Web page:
Sunday | December 10, 2017
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Reardon: HHSAA finals epic – but tweaks needed

It went really late and it certainly didn’t start off great. But has there ever been a crazier day of wall-to-wall football for Hawaii than the 15 hours that started Saturday morning and ended a few minutes before last call Sunday?

I mean for the entire state … not just the University of Hawaii and its fans, not just fans on Oahu (three of the six teams battling for state championships were from the neighbor islands).

It all started even before the 10 a.m. (Hawaii time) kickoff in Logan, Utah. The Rainbow Warriors got into a little pregame scuffle with their hosts, the Utah State Aggies.

It’s good to see they still have some fight left in them. But too bad it didn’t translate into a victory — or even some points scored this time, with the result being on the wrong side of 38-0.

After that debacle that put Hawaii at 3-8 heading into its finale Saturday against BYU, the long day and night of football at Aloha Stadium was just starting. And at least there would be wins for three island teams.

While it was still going on, I called the seven-overtime battle for the Division II state championship in which Lahainaluna prevailed over Konawaena the greatest game in Hawaii prep football history — and I stand by that, if we’re talking about pure drama and excitement for those involved and others invested as family, friends and fans of the two teams, and everyone else affiliated with the Maui and Big Island schools.

Now, here’s the very, very big BUT …

As contradictory as this may sound, hopefully nothing like the greatest game ever happens again with two more scheduled after it at the same venue.

The Hawaii High School Athletic Association needs to do one of two things, or maybe both:

1) As thrilling as the seven-overtime game was, the length of it resulted in the starting times of the two other state championship games being pushed back two hours. Hilo’s triumph against Damien was pushed back approximately two hoursBy the time Saint Louis had completed its miraculous last-minute victory over Kahuku, it was 1:04 a.m., Sunday.

Why is there no rule in high school football forcing 2-point conversions after a certain number of overtimes, as there is in college? I’m not saying high school should do everything the same as college, but this makes sense.

Here are some other ideas that would help lead to quicker resolution in both high school and college overtime: If both teams are scoring at will — like the other day — then push the starting line back 5 or 10 yards after a couple of overtimes — and keep pushing it back each time both teams score TDs. Another option is to give each team three downs instead of four (thank you, CFL). You can even go the other way with it if neither team can score and move them closer to the goal line after a couple of 0-0 OTs.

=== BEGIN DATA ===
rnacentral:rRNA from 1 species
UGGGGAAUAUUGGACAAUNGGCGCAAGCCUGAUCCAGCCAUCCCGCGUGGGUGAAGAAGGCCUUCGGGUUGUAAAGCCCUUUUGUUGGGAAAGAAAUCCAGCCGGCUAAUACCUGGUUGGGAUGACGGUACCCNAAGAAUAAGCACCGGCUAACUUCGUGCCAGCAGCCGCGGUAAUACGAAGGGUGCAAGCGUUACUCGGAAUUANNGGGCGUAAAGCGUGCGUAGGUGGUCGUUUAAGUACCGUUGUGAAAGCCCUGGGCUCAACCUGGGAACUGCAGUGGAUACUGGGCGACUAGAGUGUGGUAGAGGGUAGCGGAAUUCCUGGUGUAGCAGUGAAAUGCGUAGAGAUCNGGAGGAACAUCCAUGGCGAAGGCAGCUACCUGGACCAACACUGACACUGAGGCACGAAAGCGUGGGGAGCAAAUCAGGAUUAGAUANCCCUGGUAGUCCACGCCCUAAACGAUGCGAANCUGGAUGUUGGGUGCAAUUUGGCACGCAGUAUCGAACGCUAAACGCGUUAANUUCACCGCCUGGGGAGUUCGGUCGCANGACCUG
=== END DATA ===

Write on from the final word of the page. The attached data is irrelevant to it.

2) Don’t have all three state finals on the same day at the same venue. Schedule them for two days, like last year.

I was told by an HHSAA spokesperson that it goes by the National Federation book on overtime rules — and if Hawaii goes rogue and independently enacts something that makes better sense, it can lose its place at the the national rule-making table.

Then ally with other states that also would benefit from overtime rules that would prevent — or at least make less likely — a tripleheader that starts at 2 p.m. and goes to 1 a.m., and propose changes.

Those of us who made it to the end were rewarded with an instant classic. I had to reconsider that “greatest game ever” tag I’d just put on Lahainaluna-Konawaena. The finish was certainly incredible, with Chevan Cordeiro’s 53-yard touchdown strike to Jonah Panoke in the waning seconds giving Saint Louis a win over Kahuku in the final for the second year in a row.

The players on both ends of that TD are verbally committed to UH.

The Warrior recruiters need to do whatever they can to make sure Cordeiro and Panoke don’t get lost on their way to Manoa before signing day — and see if they can convince their teammate, Mitchell Quinn, and other top local prospects to join them.

So, for UH fans, Saturday wasn’t good. But the first 64 minutes of Sunday had to bring hope for the future.


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